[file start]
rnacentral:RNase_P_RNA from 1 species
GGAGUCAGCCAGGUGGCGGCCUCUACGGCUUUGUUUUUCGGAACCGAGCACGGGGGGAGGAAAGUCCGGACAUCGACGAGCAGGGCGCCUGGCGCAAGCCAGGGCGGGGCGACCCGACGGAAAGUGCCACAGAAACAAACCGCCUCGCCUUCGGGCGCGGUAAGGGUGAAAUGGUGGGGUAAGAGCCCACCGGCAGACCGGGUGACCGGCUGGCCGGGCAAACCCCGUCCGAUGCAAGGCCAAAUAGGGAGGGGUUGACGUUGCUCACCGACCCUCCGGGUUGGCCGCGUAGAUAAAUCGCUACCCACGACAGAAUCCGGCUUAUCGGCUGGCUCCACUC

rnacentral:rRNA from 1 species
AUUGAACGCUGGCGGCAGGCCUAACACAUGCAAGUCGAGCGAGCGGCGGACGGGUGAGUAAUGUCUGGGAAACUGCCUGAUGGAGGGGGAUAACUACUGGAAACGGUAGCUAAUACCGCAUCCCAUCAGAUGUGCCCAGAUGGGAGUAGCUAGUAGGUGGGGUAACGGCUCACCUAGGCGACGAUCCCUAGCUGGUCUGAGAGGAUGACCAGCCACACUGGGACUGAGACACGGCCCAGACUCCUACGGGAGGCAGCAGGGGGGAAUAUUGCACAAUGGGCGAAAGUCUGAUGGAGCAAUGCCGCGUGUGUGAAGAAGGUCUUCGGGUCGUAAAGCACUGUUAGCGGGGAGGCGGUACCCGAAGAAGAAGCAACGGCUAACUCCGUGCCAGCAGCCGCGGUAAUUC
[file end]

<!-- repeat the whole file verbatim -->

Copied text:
rnacentral:RNase_P_RNA from 1 species
GGAGUCAGCCAGGUGGCGGCCUCUACGGCUUUGUUUUUCGGAACCGAGCACGGGGGGAGGAAAGUCCGGACAUCGACGAGCAGGGCGCCUGGCGCAAGCCAGGGCGGGGCGACCCGACGGAAAGUGCCACAGAAACAAACCGCCUCGCCUUCGGGCGCGGUAAGGGUGAAAUGGUGGGGUAAGAGCCCACCGGCAGACCGGGUGACCGGCUGGCCGGGCAAACCCCGUCCGAUGCAAGGCCAAAUAGGGAGGGGUUGACGUUGCUCACCGACCCUCCGGGUUGGCCGCGUAGAUAAAUCGCUACCCACGACAGAAUCCGGCUUAUCGGCUGGCUCCACUC

rnacentral:rRNA from 1 species
AUUGAACGCUGGCGGCAGGCCUAACACAUGCAAGUCGAGCGAGCGGCGGACGGGUGAGUAAUGUCUGGGAAACUGCCUGAUGGAGGGGGAUAACUACUGGAAACGGUAGCUAAUACCGCAUCCCAUCAGAUGUGCCCAGAUGGGAGUAGCUAGUAGGUGGGGUAACGGCUCACCUAGGCGACGAUCCCUAGCUGGUCUGAGAGGAUGACCAGCCACACUGGGACUGAGACACGGCCCAGACUCCUACGGGAGGCAGCAGGGGGGAAUAUUGCACAAUGGGCGAAAGUCUGAUGGAGCAAUGCCGCGUGUGUGAAGAAGGUCUUCGGGUCGUAAAGCACUGUUAGCGGGGAGGCGGUACCCGAAGAAGAAGCAACGGCUAACUCCGUGCCAGCAGCCGCGGUAAUUC